Facebook decided recently it wanted us to have a better control over the ads we see and are bombarded with. But, they will track our on and off – site behaviors in order to learn our web browsing habits.
In other words, they will soon introduce cookies to “teach” them what we do outside our social network and an ads preference tool to select, block or encourage the ads we receive.
Like anybody has the time to actually swipe through Facebook ads and treat each one individually. But let’s see how the official announcement sounds:
When we ask people about our ads, one of the top things they tell us is that they want to see ads that are more relevant to their interests. Today, we learn about your interests primarily from the things you do on Facebook, such as Pages you like. Starting soon in the US, we will also include information from some of the websites and apps you use. This is a type of interest-based advertising, and many companies already do this. People also tell us they want more control over the ads they see. That’s why we’re introducing ad preferences, a new tool accessible from every ad on Facebook that explains why you’re seeing a specific ad and lets you add and remove interests that we use to show you ads. So if you’re not interested in electronics, you can remove electronics from your ad interests.
In translation, this means that Facebook aligns its policies to the ones already implemented by other tech giants such as Google or Microsoft to name a few. But the biggest problem related to the Facebook cookies and ads preference tools is that somehow Facebook ignores those people who don’t want to see ads at all.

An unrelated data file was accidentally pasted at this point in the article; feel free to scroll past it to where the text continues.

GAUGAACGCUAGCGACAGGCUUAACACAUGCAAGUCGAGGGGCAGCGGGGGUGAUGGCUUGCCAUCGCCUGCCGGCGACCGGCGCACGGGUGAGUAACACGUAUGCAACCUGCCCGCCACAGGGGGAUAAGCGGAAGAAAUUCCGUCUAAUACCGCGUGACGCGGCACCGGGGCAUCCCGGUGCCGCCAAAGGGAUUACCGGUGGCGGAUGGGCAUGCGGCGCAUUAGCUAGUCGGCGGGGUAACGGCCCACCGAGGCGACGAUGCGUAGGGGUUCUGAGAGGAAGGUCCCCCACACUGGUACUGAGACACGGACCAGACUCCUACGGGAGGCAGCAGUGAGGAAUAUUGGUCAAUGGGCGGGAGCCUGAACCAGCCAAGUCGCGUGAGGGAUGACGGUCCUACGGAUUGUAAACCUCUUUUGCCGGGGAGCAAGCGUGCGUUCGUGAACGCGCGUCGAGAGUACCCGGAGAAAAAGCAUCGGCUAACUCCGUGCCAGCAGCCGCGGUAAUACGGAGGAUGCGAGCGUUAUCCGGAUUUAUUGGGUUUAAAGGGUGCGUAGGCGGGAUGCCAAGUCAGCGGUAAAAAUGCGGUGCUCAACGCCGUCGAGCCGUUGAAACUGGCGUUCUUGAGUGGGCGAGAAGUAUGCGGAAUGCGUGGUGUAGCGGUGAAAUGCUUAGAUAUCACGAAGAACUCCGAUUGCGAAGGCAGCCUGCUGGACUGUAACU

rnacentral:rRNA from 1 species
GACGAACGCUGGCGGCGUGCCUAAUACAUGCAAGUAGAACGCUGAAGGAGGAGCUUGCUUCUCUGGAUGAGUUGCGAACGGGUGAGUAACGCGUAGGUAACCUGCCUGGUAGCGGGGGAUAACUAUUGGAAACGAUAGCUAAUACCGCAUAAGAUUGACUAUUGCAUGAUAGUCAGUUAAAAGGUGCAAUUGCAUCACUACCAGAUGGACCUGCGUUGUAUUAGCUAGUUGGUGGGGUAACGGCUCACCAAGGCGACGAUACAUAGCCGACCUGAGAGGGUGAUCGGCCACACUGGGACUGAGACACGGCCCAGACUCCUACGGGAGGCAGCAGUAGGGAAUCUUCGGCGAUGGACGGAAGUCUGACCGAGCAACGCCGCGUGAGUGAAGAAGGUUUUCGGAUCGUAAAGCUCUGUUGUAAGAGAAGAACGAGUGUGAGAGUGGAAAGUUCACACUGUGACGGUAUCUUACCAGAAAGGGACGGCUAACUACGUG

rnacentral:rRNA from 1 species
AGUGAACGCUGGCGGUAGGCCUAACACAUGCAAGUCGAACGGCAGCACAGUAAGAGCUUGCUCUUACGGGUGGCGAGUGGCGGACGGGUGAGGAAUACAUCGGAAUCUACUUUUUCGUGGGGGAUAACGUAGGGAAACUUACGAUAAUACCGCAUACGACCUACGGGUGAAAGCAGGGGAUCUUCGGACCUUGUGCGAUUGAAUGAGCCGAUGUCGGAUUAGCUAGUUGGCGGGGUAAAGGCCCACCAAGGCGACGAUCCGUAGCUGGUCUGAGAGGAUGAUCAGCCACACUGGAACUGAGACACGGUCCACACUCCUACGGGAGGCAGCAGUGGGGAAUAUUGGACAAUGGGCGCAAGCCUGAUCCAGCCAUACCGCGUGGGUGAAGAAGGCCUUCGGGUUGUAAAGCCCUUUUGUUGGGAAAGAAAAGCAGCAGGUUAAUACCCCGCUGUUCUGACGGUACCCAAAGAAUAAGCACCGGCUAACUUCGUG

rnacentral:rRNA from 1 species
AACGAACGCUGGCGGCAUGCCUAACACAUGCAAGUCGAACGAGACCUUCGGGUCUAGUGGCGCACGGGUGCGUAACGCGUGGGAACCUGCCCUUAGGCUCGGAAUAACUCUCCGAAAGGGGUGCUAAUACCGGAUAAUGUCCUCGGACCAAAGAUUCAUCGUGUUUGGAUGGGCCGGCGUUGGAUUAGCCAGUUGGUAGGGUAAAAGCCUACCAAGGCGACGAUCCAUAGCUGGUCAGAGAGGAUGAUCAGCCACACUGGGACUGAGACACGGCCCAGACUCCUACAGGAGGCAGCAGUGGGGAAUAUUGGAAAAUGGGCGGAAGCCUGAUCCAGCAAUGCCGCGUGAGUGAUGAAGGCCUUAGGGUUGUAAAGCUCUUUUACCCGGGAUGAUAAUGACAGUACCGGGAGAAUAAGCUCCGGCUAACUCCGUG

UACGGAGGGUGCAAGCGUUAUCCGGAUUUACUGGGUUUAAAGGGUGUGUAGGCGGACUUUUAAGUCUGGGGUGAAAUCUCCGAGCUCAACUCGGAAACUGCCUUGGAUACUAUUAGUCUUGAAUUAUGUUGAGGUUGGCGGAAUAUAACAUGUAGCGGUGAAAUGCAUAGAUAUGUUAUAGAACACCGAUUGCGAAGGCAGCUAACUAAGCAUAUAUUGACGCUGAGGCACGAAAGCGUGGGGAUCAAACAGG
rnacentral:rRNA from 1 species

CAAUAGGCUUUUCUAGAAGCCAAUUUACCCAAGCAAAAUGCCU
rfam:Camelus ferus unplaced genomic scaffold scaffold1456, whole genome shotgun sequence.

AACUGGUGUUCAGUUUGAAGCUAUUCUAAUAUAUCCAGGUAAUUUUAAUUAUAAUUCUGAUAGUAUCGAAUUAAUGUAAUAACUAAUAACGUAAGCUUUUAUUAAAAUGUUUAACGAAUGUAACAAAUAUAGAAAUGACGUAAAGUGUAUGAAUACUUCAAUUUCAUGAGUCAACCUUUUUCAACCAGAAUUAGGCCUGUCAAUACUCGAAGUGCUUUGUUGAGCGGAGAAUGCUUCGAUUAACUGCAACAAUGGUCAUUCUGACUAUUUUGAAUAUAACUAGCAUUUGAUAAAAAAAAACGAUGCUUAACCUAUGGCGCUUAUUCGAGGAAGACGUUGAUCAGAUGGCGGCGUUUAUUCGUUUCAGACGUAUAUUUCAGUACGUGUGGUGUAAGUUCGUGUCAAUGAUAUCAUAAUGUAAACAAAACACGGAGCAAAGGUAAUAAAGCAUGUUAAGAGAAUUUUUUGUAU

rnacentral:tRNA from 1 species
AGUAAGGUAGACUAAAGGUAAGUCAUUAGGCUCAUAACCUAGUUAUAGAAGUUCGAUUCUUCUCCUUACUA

A second issue is that nobody actually has the time to go to each ad, understand why it is shown to them, block it or select the option “This ad is useful”. Who in their right mind will go through all these steps to select ads based on their topic in order to tell Facebook not to send them their way ever again?
Companies keeping following and tracking our activity on the web raised a lot of concerns in the last year, as there are privacy issues and consumer protection details that are not dealt with the right way. Now that we will have Facebook cookies and ads preference tools, it seems that we will have even more ads coming our way, ads that will be even more targeted than before and more aggressive.
The regular Facebook users will ignore them, just as they did so far, while the ambitious ones, powered by a personal vendetta against advertisement in general, will take their time to block some ads. However, there’s an upside to this. Cynthia Boris from the Marketing Pilgrim makes a wise observation:
Bottom line for advertisers, if a Facebook user goes through all these steps to block your ad, they weren’t going to buy from you in the first place, so blocking saves you time and money. Looking at it that way, the new ad preference tool really does make ads better for everyone.
Facebook let us know it would implement the Facebook cookies and the ads preference tools in the next few weeks in the U.S., going globally in the immediate future. Let’s see how things evolve, shall we?